August 18, 2016
City of Montreal’s decision to adopt by-law targeting pit bull type dogs denounced
By-law harms families, dogs and community
The City of Montreal has revealed its misguided proposed by-law regarding animal management to address the issue of dangerous dogs. It targets specific breeds, namely by prohibiting the ownership of certain ones that fall under the definition of pit bull type dogs. Ewa Demianowicz, campaign manager or Humane Society International/Canada, issued the following statement:
“We are disappointed by the City of Montreal’s decision to adopt breed-specific legislation, a decision that goes against experts’ advice and credible scientific data. No documented data support these types of laws, and no jurisdiction with laws targeting specific breeds have ever been able to demonstrate an increase in public safety. The research is clear: dogs are individuals and no single breed of dog is inherently dangerous.
“Responsible animal management laws should be neutral, and not include any breed-specific language, while focusing on owner accountability. Unfortunately, Montreal’s draft by-law includes many measures specific to certain breeds or types of dogs, while outright banning the possession of certain breeds or types of dogs. The latter, while creating only an illusion of safety for the public, will have concrete and heartbreaking consequences for many dogs and their families. For example, families moving to Montreal with dogs with no behavioral issue, but fall under the ban, will be forced to leave their pets behind. Moreover, many dogs abandoned in shelters due to no fault of their own will have to be euthanized if they are identified as pit bull type dogs, regardless of their behavior.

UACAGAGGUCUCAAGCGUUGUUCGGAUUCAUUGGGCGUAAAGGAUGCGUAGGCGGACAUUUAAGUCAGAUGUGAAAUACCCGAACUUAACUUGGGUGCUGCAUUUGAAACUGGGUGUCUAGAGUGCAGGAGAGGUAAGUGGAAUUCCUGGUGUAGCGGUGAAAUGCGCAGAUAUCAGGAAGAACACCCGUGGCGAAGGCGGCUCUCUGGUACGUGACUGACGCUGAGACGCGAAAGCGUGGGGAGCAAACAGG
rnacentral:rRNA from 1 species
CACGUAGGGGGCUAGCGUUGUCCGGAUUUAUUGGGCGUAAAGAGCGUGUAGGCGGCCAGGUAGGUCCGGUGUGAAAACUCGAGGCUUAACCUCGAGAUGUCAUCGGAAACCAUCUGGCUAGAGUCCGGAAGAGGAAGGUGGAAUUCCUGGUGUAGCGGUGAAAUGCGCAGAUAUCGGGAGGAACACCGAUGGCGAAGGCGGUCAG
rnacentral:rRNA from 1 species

“It is highly disturbing that an otherwise progressive city like Montreal would adopt such archaic and ineffective laws, based on myths and misinformation. Humane Society International/Canada calls on municipal representatives to reject breed-specific legislation and adopt laws that are humane, efficient and enforceable.”
Media contact: Christopher Paré, 514 395-2914, firstname.lastname@example.org